That score gave Connacht a visible lift as Muldoon broke from the restart and then McSharry made big yards with a bustling carry. McCrea then measured a beautiful kick into touch inside Gloucester’s 22 and suddenly it was Connacht taking the game to the visitors. McCarthy pinched Scott Lawson’s throw to the lineout and Connacht shifted the ball wide. The move broke down as McSharry knocked on but at least Connacht were showing the ability to threaten the Gloucester defence.

The half almost finished with a second Gloucester try as Henry Trinder dinked a kick over the Connacht defence. Sharples got to the bouncing ball behind Connacht’s try line, but the TMO ruled that he had touched the ball down on the dead ball line. Connacht went in at the break trailing by four points but with a strong wind behind them in the second half they could expect to put pressure on Gloucester.

The Gloucester pack, pictured in action against Toulouse, got on top in the second-half. Photo via Pierre-Selim

A positive start by Connacht after half-time led to O’Connor reducing the deficit with a penalty on the 22, slightly to the right of the posts. But the western province failed to build on that score as Gloucester got firmly on top in a low-scoring second-half. Gloucester enjoyed a period of sustained territory as they repeatedly went to their maul in an effort to grind down the Connacht resistance. With John Muldoon to the fore, Connacht repelled the Gloucester efforts but each time they got themselves into good positions, their lack of accuracy in basic skills let them down.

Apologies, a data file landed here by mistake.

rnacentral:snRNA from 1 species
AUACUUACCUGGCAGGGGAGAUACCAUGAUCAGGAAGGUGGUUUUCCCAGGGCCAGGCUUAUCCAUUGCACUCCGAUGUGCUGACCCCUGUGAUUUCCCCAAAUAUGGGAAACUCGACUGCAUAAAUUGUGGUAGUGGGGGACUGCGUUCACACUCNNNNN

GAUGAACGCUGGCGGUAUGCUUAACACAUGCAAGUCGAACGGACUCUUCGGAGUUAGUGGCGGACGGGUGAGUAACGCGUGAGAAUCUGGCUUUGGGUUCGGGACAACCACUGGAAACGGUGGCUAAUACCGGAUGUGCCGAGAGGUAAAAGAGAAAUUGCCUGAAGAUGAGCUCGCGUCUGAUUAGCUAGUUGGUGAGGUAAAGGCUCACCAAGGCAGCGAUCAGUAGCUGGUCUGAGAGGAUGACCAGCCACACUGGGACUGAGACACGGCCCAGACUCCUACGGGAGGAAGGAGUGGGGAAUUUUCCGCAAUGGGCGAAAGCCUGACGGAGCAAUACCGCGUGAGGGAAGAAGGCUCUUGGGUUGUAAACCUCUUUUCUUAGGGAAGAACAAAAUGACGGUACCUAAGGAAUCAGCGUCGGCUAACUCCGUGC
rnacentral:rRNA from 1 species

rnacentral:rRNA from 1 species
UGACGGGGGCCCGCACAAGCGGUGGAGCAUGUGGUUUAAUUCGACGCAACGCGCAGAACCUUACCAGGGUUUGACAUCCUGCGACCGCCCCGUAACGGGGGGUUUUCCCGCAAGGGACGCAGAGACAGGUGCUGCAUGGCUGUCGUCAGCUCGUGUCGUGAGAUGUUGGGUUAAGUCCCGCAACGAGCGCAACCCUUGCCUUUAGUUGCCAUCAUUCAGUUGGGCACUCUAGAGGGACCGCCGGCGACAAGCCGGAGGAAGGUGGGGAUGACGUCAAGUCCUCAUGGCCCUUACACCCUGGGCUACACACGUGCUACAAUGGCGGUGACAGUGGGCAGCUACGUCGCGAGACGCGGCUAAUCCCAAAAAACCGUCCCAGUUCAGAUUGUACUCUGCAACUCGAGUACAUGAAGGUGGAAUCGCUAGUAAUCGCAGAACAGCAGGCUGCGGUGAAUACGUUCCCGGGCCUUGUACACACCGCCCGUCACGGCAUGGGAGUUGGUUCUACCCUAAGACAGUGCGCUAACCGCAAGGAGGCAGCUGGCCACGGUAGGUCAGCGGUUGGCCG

First, neat interplay between Tonetti and replacement Fetu’u Vainikolo was spoiled by a spilled ball. Then a Vainikolo knock-on from a Gloucester clearance allowed the Aviva Premiership side back into the Connacht half. Muldoon won a fantastic turnover to end that Gloucester attack and O’Connor gave Connacht good field position. Substitute hooker Adrian Flavin hit his man from the lineout and the Connacht maul went forward. But Eoin McKeon took the ball on and was turned over as he became isolated. Once again, a promising position wasted for Connacht.

When referee Neil Paterson caught Connacht offside under their own posts, Burns gave Gloucester a four-point lead with his third successful penalty. With the score out to 14-10, it meant Connacht would have to come up with a try to avoid their ninth defeat in a row. Muldoon’s turnover gave them one last chance but in truth it never looked likely.

Connacht now have to travel to Gloucester for the return leg of this double-header next weekend. They simply have to cut down on the amount of errors they are making, both individual and collective, if they are to end this awful streak before it comes to double figures. Unsuccessful lineouts, knock-ons, missed kicks and lack of composure in promising positions are killing Connacht. Apart from the 36-10 loss to Toulouse, Connacht are not losing these matches by big margins. If they can cut out even some of the errors then these margins will start to turn in their favour. That didn’t happen here and Connacht missed out on a good chance to finally record a win.